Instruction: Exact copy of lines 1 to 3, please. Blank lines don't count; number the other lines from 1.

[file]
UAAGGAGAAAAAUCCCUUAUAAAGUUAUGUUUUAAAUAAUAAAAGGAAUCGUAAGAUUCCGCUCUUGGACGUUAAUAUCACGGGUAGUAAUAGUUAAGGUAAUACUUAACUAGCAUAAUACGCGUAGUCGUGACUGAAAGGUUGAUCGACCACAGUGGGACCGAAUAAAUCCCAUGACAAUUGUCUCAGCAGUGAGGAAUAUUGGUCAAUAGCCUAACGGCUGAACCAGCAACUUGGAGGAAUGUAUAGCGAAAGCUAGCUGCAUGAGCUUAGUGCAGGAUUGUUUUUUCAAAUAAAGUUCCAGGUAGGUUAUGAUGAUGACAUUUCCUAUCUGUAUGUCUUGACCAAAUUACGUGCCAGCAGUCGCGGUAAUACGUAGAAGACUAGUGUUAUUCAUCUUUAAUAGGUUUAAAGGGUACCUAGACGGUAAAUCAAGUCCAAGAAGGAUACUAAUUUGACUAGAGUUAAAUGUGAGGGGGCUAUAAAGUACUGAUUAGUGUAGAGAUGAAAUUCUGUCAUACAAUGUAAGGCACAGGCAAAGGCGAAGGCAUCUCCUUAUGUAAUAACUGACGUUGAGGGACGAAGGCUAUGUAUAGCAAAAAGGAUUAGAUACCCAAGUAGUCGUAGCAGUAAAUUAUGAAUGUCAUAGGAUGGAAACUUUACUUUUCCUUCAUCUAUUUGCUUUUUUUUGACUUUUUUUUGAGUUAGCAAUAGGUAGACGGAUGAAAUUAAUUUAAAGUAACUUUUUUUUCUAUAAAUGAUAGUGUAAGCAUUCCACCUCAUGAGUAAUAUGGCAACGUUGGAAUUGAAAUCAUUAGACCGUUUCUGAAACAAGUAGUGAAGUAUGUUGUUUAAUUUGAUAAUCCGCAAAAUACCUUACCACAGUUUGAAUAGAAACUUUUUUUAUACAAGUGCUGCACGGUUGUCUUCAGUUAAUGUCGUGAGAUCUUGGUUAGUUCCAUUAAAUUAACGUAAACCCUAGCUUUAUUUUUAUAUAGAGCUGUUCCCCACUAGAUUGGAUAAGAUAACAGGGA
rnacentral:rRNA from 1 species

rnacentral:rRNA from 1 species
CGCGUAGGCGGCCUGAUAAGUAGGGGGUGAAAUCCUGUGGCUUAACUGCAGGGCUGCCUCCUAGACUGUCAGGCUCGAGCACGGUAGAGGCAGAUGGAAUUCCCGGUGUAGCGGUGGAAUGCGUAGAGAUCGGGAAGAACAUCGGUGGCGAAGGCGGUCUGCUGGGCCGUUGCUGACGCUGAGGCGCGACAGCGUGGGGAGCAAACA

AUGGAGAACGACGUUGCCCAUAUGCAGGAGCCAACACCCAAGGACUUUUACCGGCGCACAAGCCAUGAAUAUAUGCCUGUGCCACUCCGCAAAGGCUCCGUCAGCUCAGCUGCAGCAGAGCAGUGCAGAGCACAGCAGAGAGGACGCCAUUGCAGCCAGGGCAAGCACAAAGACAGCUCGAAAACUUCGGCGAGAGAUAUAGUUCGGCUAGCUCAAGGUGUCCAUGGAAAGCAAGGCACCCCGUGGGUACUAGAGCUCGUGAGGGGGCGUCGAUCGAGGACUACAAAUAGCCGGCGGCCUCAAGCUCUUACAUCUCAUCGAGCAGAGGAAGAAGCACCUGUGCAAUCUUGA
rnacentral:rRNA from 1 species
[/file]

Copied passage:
UAAGGAGAAAAAUCCCUUAUAAAGUUAUGUUUUAAAUAAUAAAAGGAAUCGUAAGAUUCCGCUCUUGGACGUUAAUAUCACGGGUAGUAAUAGUUAAGGUAAUACUUAACUAGCAUAAUACGCGUAGUCGUGACUGAAAGGUUGAUCGACCACAGUGGGACCGAAUAAAUCCCAUGACAAUUGUCUCAGCAGUGAGGAAUAUUGGUCAAUAGCCUAACGGCUGAACCAGCAACUUGGAGGAAUGUAUAGCGAAAGCUAGCUGCAUGAGCUUAGUGCAGGAUUGUUUUUUCAAAUAAAGUUCCAGGUAGGUUAUGAUGAUGACAUUUCCUAUCUGUAUGUCUUGACCAAAUUACGUGCCAGCAGUCGCGGUAAUACGUAGAAGACUAGUGUUAUUCAUCUUUAAUAGGUUUAAAGGGUACCUAGACGGUAAAUCAAGUCCAAGAAGGAUACUAAUUUGACUAGAGUUAAAUGUGAGGGGGCUAUAAAGUACUGAUUAGUGUAGAGAUGAAAUUCUGUCAUACAAUGUAAGGCACAGGCAAAGGCGAAGGCAUCUCCUUAUGUAAUAACUGACGUUGAGGGACGAAGGCUAUGUAUAGCAAAAAGGAUUAGAUACCCAAGUAGUCGUAGCAGUAAAUUAUGAAUGUCAUAGGAUGGAAACUUUACUUUUCCUUCAUCUAUUUGCUUUUUUUUGACUUUUUUUUGAGUUAGCAAUAGGUAGACGGAUGAAAUUAAUUUAAAGUAACUUUUUUUUCUAUAAAUGAUAGUGUAAGCAUUCCACCUCAUGAGUAAUAUGGCAACGUUGGAAUUGAAAUCAUUAGACCGUUUCUGAAACAAGUAGUGAAGUAUGUUGUUUAAUUUGAUAAUCCGCAAAAUACCUUACCACAGUUUGAAUAGAAACUUUUUUUAUACAAGUGCUGCACGGUUGUCUUCAGUUAAUGUCGUGAGAUCUUGGUUAGUUCCAUUAAAUUAACGUAAACCCUAGCUUUAUUUUUAUAUAGAGCUGUUCCCCACUAGAUUGGAUAAGAUAACAGGGA
rnacentral:rRNA from 1 species

rnacentral:rRNA from 1 species